The colour of business mentoring, in Jerusalem
I love business mentoring. It is fun and can be very rewarding, as you watch your client progress. In parallel, you often find opportunities to expand your own horizons.
One such incident happened yesterday, sitting in central Jerusalem with the owner of a small chain of shops. The company is commencing a programme of restructuring, and this process allows for a new logo and additional lines of sales.
The CFO asked for my opinion on a set of posters that had been drawn up. This prompted a discussion, and many constructive points were delivered by himself and the marketing director. Then we were joined by a webmaster, who I had found for my client. The gentleman, we shall call him David, has already delivered an excellent service for another customer.
Here, David was invited to share his thoughts on the suggested posters and how they would feed in to a new website.
David’s comments were incisive and of value to others. In parallel to the message, he concentrated on the colours. He observed how each one plays to a different audience. And whilst the combination displayed in the pilot posters were interesting, they were totally unsuitable for this specific area of commerce. Simply put – nice set up, that would not work here. Ouch!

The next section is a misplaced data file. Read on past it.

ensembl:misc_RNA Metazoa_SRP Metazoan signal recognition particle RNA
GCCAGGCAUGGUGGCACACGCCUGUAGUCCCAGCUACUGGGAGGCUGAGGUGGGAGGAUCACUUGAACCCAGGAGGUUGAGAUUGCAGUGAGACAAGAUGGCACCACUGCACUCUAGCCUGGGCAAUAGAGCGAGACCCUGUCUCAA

Both my client and I listened attentively. It was time for a rethink. And yet the ‘Jerusalem Syndrome’ can operate in the most unexpected manner. Checking my emails just a few hours later, I cam across this most pertinent of blogs: “How to use the psychology of colours when marketing“.
The article makes for annoying reading, as you come to realise how multinationals exploit us. For example, red is for energy and urgency. On the other hand, green represents tranquility and harmony. Blue is preferred by the menfolk, and so on.
My conclusion. Next time you come up with your own logo and you look for opinions from friends, you make also want to have it vetted by a psychologist. Today, many of the best logos are riddled with hidden meanings.